Molly's Country Memories

Molly's Country Memories

The memories and happening in the everyday life of a country girl

Thursday, February 19, 2009

More Molly's Country Memories

Mule Teams and Pig slop....
When we moved back to Brookhaven from New Orleans in 1949, we had a family that lived down the lane from us. Emmel and Clementine Hudson, they had 12 kids, 4 close to mine and my Sister’s age…. Together we were bad to the bone, poor Clementine…lol…
A little background..... My Grandfather not only farmed over a hundred acres and had cows and pigs, (did I ever mention I hate pigs.) He made a decent living, he never got rich, but that was never important to him. He also had a freight hauling business for nearly 45 yrs. He was know as a drayman, he hauled freight by mule team. We had a railroad that ran through Brookhaven and he would haul freight from the train station to the little communities near by that didn’t have a Rail Road.
That was so awesome to me. I loved the mule teams.
This is not a picture of them but what they looked like.
They were extremely big Jack’s and very ill tempered, no one but Granddaddy or Emmel could handle them, but if Shirley happen to be around them, they wouldn’t move a muscle, she could crawl all over them and they wouldn’t even swat a fly with their tails…isn’t it amazing how Animals can sense a special child. Anyhow he had switched to a truck in the late 30s", but had kept the mules for working on the farm..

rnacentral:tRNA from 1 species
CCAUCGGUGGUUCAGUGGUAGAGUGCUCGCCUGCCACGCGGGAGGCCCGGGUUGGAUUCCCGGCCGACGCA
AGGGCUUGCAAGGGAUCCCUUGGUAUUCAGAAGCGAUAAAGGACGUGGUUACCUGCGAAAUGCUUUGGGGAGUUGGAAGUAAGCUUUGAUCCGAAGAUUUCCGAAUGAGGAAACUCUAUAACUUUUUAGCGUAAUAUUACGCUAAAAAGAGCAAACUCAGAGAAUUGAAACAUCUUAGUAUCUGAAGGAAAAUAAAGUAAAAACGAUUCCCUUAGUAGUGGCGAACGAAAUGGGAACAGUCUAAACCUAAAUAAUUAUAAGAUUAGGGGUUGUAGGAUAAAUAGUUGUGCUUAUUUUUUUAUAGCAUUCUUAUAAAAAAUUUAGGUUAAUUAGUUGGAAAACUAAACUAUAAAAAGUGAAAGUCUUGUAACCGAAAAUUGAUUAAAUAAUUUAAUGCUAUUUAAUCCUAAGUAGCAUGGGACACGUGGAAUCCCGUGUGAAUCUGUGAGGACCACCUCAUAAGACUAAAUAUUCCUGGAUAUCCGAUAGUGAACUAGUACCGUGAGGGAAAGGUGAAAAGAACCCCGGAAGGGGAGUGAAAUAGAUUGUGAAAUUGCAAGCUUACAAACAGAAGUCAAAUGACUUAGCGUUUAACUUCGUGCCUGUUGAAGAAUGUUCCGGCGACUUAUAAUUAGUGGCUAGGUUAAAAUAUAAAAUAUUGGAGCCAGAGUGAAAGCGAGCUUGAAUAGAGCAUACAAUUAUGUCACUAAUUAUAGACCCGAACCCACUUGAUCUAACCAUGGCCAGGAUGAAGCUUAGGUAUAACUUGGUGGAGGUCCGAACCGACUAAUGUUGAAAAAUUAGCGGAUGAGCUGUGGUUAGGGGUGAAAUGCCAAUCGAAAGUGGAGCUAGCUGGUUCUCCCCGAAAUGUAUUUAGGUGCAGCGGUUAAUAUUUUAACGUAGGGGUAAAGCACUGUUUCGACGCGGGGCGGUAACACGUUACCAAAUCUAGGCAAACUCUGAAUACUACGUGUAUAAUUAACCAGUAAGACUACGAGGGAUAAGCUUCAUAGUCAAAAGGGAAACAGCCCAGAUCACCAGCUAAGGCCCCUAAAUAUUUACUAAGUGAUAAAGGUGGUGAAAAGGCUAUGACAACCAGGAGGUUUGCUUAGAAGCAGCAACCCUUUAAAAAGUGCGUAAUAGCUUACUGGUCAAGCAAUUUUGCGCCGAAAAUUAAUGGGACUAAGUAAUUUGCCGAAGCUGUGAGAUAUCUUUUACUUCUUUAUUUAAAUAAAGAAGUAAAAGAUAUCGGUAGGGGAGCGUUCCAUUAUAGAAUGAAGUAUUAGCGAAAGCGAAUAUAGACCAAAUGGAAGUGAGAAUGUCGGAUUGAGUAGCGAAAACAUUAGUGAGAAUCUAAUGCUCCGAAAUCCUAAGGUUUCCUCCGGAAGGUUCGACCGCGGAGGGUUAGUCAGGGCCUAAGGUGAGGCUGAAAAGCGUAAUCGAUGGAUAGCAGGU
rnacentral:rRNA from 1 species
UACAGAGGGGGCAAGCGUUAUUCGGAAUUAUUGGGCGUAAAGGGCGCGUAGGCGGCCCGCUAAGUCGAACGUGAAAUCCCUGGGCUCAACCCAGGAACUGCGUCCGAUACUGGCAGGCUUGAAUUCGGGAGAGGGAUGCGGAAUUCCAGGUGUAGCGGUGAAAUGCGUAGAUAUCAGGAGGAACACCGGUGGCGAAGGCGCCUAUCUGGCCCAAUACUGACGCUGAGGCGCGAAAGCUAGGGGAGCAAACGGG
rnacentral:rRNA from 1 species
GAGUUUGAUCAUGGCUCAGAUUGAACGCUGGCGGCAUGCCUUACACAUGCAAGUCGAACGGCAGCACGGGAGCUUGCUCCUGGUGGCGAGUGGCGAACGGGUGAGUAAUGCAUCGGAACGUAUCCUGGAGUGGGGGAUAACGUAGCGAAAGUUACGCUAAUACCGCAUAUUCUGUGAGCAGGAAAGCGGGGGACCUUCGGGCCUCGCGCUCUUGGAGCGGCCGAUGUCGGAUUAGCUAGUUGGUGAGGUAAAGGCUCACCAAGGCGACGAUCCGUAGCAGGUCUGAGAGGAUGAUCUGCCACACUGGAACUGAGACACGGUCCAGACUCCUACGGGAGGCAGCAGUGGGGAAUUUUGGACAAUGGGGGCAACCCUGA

Back to Emmel, he had worked for my Grandpa for about 12 yrs helping load and unload freight, remember Grandpa had a wooden leg so he couldn’t do a lot of carrying. Grandpa started going down around 1945 he had a heart problem, so in 1949, he gave up his business and stopped farming the 100 acres. The problem was my Grandpa was a special person, he loved the man working for him and couldn’t stand the thought of Emmel being out of work, so he made a deal with him, he could move his family into a house on the place that he’d built for my uncle, when he first got married, Uncle Reggie had since moved to Beaumont, TX, in the 30s and didn’t live there, it was just sitting empty. And he could farm the land, Grandpa didn’t want to see the land go down and lay ferule , neither one of his boys cared for farm life, they had long moved to the city. He was not going to be a share cropper, Grandpa didn’t want him to give him anything for the house or the land, he was to take care of it as if it was his own and what ever he earned was his, I only mention this because so many people think that if a Black man worked a white man’s land in the South it was as a sharecropper, but this wasn’t the case, all Granddaddy asked of Emmel was when he died for Emmel to look after Mom and make sure no one mistreated her.

My Mom and Uncle Norman in front of the Farm House 1953

Granny and Jimmy in 1952 in front of the old gate.